No one is going to get it 100% correct right off the bat. There’s a lot of work to do, especially when it comes to designing a website or piece of graphic content. Whether it’s for yourself or for a client, there are things that simply don’t work anymore, and things you can do in 2016 to make your site a truly engaging and successful experience.
Ensure your mobile site and main site are the same
I think it goes without saying (although I’m still going to), but mobile technology is changing everything. Online users are relying on their smartphones more than ever to do things. Plus, it was reported last year that mobile friendliness was to affect ranking in search, at least for Google.
In the USA in 2010, the average number of hours per day for a person to use their smartphone was 0.4 hours with 2.4 hours spent on a desktop/laptop. Today? The number of hours for smartphone usage has increased to 2.8 hours.
The UK is fast becoming a smartphone society, with 33% preferring their mobile device to their laptop (30%). By 2017, five out of every seven people will have a mobile device.
It’s simply no longer profitable or practical to have a separate mobile site. Responsive web design will allow you to show your main site on a mobile device without losing functionality.
Get out of the shadows
Flat design has been with us a while, and there’s a reason for that. It’s effective, it’s easy and it’s visually appealing. In 2016, 3D, shadow and gradient-style designs are becoming dated - being really fancy can often mean being really distracting. Instead of provoking the engagement you want it will probably infuriate the visitor.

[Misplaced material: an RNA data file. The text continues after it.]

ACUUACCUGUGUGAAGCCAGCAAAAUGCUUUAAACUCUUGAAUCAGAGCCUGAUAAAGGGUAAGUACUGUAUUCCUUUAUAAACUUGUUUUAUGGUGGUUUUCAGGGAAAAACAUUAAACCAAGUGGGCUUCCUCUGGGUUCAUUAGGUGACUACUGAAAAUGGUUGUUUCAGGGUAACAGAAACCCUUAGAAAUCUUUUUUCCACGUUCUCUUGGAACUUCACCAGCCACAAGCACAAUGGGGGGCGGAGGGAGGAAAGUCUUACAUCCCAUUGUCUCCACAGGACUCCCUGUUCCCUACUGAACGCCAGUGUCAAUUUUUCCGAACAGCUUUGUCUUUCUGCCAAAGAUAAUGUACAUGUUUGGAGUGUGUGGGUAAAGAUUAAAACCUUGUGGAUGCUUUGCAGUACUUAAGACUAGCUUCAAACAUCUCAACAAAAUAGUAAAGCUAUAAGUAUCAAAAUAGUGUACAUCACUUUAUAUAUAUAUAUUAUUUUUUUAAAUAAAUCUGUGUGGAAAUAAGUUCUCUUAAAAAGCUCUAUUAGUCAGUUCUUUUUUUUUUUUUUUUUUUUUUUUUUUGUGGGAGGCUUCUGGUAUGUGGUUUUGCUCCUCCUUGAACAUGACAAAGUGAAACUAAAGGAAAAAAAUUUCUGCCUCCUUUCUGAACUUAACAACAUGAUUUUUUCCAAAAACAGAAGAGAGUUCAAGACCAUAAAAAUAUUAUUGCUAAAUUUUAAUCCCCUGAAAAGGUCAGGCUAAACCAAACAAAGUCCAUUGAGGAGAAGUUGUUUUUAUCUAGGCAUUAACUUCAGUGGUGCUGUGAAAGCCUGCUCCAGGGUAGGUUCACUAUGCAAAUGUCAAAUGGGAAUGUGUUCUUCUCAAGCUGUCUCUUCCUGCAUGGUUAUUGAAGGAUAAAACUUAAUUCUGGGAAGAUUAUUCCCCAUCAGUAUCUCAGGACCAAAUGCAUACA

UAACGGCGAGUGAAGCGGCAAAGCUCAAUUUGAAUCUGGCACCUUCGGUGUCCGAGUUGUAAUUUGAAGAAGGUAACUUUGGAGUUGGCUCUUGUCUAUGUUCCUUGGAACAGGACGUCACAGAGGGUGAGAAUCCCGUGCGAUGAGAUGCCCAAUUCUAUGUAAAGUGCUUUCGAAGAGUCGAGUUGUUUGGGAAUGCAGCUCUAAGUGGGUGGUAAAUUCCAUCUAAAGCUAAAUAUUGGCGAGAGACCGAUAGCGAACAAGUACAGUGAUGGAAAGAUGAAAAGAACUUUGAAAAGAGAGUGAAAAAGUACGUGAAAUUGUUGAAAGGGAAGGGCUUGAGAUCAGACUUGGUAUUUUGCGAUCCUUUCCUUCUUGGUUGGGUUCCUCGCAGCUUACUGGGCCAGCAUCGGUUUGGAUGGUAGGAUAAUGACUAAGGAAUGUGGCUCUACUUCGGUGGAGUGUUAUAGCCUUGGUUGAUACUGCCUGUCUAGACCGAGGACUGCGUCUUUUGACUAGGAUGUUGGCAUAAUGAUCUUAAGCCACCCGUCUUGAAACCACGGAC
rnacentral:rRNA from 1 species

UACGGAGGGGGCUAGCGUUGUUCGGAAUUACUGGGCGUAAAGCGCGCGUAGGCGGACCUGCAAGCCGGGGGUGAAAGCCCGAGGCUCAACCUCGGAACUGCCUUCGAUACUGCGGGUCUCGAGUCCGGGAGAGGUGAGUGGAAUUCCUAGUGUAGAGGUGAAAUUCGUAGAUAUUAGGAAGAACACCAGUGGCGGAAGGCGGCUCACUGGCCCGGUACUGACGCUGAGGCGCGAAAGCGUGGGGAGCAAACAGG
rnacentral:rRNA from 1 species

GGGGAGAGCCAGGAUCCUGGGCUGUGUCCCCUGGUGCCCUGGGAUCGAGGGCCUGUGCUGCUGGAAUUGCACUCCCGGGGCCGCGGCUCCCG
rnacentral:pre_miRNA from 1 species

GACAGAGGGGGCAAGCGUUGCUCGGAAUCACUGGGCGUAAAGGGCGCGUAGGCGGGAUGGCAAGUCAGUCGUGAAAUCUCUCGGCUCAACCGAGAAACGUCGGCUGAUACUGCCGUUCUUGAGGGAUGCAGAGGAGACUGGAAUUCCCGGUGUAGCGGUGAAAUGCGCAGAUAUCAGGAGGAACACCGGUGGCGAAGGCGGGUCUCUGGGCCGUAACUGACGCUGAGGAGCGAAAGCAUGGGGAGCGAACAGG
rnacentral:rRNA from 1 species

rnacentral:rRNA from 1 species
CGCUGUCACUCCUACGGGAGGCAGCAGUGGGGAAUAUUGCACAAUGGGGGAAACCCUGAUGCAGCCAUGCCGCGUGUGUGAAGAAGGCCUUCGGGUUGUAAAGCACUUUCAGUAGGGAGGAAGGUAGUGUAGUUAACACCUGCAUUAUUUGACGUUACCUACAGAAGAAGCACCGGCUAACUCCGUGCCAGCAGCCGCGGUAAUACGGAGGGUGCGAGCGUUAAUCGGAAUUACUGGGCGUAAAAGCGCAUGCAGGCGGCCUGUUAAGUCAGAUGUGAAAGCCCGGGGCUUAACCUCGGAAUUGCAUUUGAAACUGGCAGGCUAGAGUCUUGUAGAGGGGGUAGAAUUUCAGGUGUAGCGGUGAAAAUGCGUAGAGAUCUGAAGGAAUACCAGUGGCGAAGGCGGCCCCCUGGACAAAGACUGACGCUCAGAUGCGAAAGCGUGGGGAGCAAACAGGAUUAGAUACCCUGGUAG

What I’m saying is less smoke and mirrors, more simple and functional design. Take advantage of shapes, elements and patterns. Use vibrant colours that are eye-catching but not garish. Mix in some interesting typography. Make what your visitor reads and sees is inspirational, providing an enriching experience.
Salute interface innovation
One of the trends you’re likely to see more of include innovative user interfaces. We consume information on the internet much differently than we used to. However, this has led to a lot of generic ways of interfacing with that information. Make 2016 the year that UI is bold and innovative.
Here are some examples:
Card layout: What does a business card do? It gives you concise information about a person or business quickly and effectively. Having your site laid out in a similar way can give visitors a rounded idea of what the content is about. Easy to manipulate in design and great on the eye, you’re providing an effective UI that can be altered ad hoc fit with your preferences. Pinterest does it really well. You’ve heard of Pinterest, right?
Microinteractions: An extremely simple thing to do, but it really enhances the user experience. Interactivity is going to be popular this year (as it was in 2015). Microinteractions provide that all-important engagement, and allow the visitor to see the results of their actions through direct manipulation of onscreen assets.
Basically, that means they get to play with things on the page and they move. Deep down, we’re all still children.
Cinemagraphs: These are still photographs with a minor and repeated movement. Subtle. Visually striking and inspirational, expect to see a lot more of these.
I don’t think that it’s too much to ask from marketers in 2016 to suggest a rich combination of video, graphical and illustrated designs. In 2016, design is about simplicity, innovation and most importantly, useful and easy to use from a user perspective.